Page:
Jason R. Petta
The Future of Quantum Computing: Heterogeneous Quantum Devices
Impressive progress has been reported with superconducting quantum devices, including demonstrations of very specialized quantum algorithms on processors containing >50 qubits. However, due to the sheer ~100 micron size of a superconducting qubit, it will be difficult to scale these systems up to the millions of qubits required to achieve fault tolerant quantum information processing. Silicon is emerging as a competing platform for quantum computing, as the physical footprint of a spin qubit is small ~100 nm, the quantum lifetime of electronic and nuclear spin states exceeds those of superconductors by many orders of magnitude, and the processing of the material itself has been the focus of a multi-billion-dollar semiconductor industry for decades. In this presentation, I would like to highlight the opportunities that exist at the interface of semiconducting and superconducting devices. These opportunities include the development of compact silicon spin qubits with high control fidelity and the use of superconducting cavities for spin qubit readout. Considerable potential exists with hybrid super-semi devices, as evidenced by recent experiments demonstrating coherent coupling of a single charge to a single photon, coherent coupling of a single spin to a single photon, and long-range coupling of two spins separated by 4 mm using a microwave frequency superconducting interconnect. I will also highlight some of the challenges associated with fabricating single electron devices in silicon and emphasize the importance of an expanded investment in the growth and processing of Si/SiGe heterostructures.
Jason Petta is the Eugene Higgins Professor of Physics at Princeton University. He received a PhD in physics from Cornell University in 2003. Petta’s early work focused on spectroscopy of quantum states in metallic quantum dots. As a postdoctoral fellow at Harvard in the group of Charlie Marcus, Petta played a leading role in a series of experiments demonstrating trapping and detection of single electrons, as well as a seminal experiment demonstrating coherent control of two-electron spin states. Since moving to Princeton in 2007, Petta’s research group has developed quantum devices in silicon. Recent advances include the fabrication of a scalable quantum dot device architecture in silicon, shuttling a single charge down an array of silicon quantum dots, and the demonstration of a high fidelity two qubit gate for spins in silicon. In a related series of experiments, Petta’s group has developed hybrid quantum devices incorporating semiconducting and superconducting elements. Physics breakthroughs include the demonstration of strong coupling of a single charge to a single photon, strong coupling of a single spin to a single photon, and in 2020 long-range coupling of two spins separated by 4 mm using microwave frequency photons. Professor Petta is a recipient of the Presidential Early Career Award for Scientists and Engineers, a National Science Foundation CAREER Award, the McMillan Award, the American Association for the Advancement of Science Newcomb Cleveland prize, and the Lee-Osheroff-Richardson prize. Petta was a Moore Foundation Experimental Investigator in Quantum Materials from 2014 to 2020. Petta was recently elected as a Fellow of the American Physical Society and Fellow of the American Association for the Advancement of Science.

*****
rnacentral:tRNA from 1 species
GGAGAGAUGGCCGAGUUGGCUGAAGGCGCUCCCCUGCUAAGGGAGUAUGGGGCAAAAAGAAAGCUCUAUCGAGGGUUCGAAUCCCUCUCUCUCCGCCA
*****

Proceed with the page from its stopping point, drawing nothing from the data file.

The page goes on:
Photo: Princeton University, Office of Communications, Denise Applewhite